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ACA’s Subsidies Upheld by Supreme Court

The Supreme Court’s recently ruled, 6-3, that federal health insurance subsidies under the Affordable Care Act (ACA) are legal following King v. Burwell. The court refused to apply Chevron Deference, finding that the statute was ambiguous and the federal government’s interpretation was reasonable.

The ruling means that millions will keep their legal subsidies. The IRS can continue to issue subsidies to those who buy plans on the federal website. Simply put, ObamaCare (the Affordable Care Act) remains “the law of the land.”

Anthony Kennedy, Ruth Bader Ginsberg, Stephen Breyer, Sonia Sotomayer, and Elena Kagan voted with the majority on the opinion delivered by Chief Justice John Roberts. In the opinion, Roberts writes that the tax credits are allowed “for insurance purchased on any Exchange created under the Act. Those credits are necessary for the Federal Exchanges to function like their State Exchange counterparts, and to avoid the type of calamitous result that Congress plainly meant to avoid.”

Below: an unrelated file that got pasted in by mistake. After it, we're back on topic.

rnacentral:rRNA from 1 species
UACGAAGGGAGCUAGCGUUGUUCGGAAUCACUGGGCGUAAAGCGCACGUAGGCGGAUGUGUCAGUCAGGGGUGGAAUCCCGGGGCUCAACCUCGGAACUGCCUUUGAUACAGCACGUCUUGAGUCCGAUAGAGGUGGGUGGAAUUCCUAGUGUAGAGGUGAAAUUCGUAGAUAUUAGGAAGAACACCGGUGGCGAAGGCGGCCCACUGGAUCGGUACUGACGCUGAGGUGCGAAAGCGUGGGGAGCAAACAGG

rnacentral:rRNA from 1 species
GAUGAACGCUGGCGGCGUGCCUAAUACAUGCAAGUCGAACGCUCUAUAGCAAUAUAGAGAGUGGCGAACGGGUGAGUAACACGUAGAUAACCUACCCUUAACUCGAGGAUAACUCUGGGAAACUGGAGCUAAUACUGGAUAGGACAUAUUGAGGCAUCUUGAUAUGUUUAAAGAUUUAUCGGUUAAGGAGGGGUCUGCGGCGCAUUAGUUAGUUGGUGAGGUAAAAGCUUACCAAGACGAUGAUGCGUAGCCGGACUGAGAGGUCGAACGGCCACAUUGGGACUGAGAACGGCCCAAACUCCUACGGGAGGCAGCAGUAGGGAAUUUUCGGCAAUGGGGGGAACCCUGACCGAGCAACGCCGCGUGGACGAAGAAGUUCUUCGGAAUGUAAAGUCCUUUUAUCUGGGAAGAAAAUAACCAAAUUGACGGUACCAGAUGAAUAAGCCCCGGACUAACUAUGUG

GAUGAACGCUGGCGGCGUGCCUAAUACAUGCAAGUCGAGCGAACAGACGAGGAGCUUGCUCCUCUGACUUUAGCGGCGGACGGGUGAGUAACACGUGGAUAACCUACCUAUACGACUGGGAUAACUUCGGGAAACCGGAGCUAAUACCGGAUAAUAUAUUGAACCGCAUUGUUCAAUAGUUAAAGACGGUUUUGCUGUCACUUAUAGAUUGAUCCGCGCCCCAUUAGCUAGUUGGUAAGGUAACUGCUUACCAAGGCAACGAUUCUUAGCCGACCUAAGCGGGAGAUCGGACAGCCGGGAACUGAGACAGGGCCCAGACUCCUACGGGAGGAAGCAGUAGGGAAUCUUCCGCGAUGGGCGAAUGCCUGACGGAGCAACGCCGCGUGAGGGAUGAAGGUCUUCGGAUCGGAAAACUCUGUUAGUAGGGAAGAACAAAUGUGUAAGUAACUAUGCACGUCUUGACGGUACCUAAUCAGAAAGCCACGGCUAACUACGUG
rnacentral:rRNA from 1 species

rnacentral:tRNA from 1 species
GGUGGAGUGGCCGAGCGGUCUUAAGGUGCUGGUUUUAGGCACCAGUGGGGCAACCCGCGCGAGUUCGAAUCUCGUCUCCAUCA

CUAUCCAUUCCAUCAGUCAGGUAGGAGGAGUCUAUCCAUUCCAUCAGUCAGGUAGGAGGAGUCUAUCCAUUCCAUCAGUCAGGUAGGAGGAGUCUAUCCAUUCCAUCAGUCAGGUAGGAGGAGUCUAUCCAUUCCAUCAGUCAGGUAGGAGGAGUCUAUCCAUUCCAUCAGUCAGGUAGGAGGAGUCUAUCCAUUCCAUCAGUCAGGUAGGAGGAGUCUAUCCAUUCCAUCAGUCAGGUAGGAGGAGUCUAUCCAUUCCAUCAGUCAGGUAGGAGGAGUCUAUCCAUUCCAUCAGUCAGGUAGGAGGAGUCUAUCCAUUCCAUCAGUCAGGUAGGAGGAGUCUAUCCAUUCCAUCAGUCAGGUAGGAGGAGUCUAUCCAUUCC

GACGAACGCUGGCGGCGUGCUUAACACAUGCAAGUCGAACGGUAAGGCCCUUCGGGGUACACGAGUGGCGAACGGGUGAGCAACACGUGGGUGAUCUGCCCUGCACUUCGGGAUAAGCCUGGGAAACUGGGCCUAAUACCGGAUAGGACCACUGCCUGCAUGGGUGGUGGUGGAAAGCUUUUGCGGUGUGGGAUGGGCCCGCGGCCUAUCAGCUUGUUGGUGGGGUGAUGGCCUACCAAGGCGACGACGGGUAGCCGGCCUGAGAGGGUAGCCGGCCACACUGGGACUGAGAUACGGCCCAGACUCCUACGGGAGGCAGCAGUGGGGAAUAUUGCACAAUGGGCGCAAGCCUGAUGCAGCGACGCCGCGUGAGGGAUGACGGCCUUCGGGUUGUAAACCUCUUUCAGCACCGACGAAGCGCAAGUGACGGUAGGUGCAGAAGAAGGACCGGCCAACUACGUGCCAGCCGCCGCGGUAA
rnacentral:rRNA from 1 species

Roberts also stated, “Congress passed the Affordable Care Act to improve health insurance markets, not to destroy them. If at all possible, we must interpret the Act in a way that is consistent with the former, and avoids the latter.”

In Anthony Scalia’s dissent, he said that the Supreme Court “favors some laws over others, and is prepared to do whatever it takes to uphold and assist its favorites.”

The Supreme Court’s ruling is intended to assure consumers that the promise of affordable health coverage will still exist, and that nothing has changed in terms of their receipt of financial help. The ruling saves coverage for an estimated 6.4 million Americans who would have otherwise lost their coverage.

Others warned that a ruling in favor of the plaintiffs would have caused an adverse selection “death spiral,” as younger and healthier people pulled out of the insurance pool. This could have caused premiums to skyrocket by 47 percent.

If the GOP is to repeal or further proposed healthcare reform, the parties must address the three key points found in the law regarding the intentions of the Affordable Care Act:

  • Open Enrollment
  • Guaranteed Coverage
  • Premium Tax Credits